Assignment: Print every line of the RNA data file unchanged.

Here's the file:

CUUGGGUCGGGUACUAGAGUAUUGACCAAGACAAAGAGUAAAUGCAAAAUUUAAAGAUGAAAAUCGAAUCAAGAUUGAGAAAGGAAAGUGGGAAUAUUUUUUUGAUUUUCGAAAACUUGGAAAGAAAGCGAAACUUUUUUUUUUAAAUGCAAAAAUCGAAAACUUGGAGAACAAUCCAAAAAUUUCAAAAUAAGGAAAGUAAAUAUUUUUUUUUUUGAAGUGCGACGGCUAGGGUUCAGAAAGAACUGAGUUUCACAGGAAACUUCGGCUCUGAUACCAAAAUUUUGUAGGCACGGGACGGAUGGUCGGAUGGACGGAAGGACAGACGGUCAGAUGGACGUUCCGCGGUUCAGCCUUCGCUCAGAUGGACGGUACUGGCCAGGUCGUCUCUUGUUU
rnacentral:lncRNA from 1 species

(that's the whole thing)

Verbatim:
CUUGGGUCGGGUACUAGAGUAUUGACCAAGACAAAGAGUAAAUGCAAAAUUUAAAGAUGAAAAUCGAAUCAAGAUUGAGAAAGGAAAGUGGGAAUAUUUUUUUGAUUUUCGAAAACUUGGAAAGAAAGCGAAACUUUUUUUUUUAAAUGCAAAAAUCGAAAACUUGGAGAACAAUCCAAAAAUUUCAAAAUAAGGAAAGUAAAUAUUUUUUUUUUUGAAGUGCGACGGCUAGGGUUCAGAAAGAACUGAGUUUCACAGGAAACUUCGGCUCUGAUACCAAAAUUUUGUAGGCACGGGACGGAUGGUCGGAUGGACGGAAGGACAGACGGUCAGAUGGACGUUCCGCGGUUCAGCCUUCGCUCAGAUGGACGGUACUGGCCAGGUCGUCUCUUGUUU
rnacentral:lncRNA from 1 species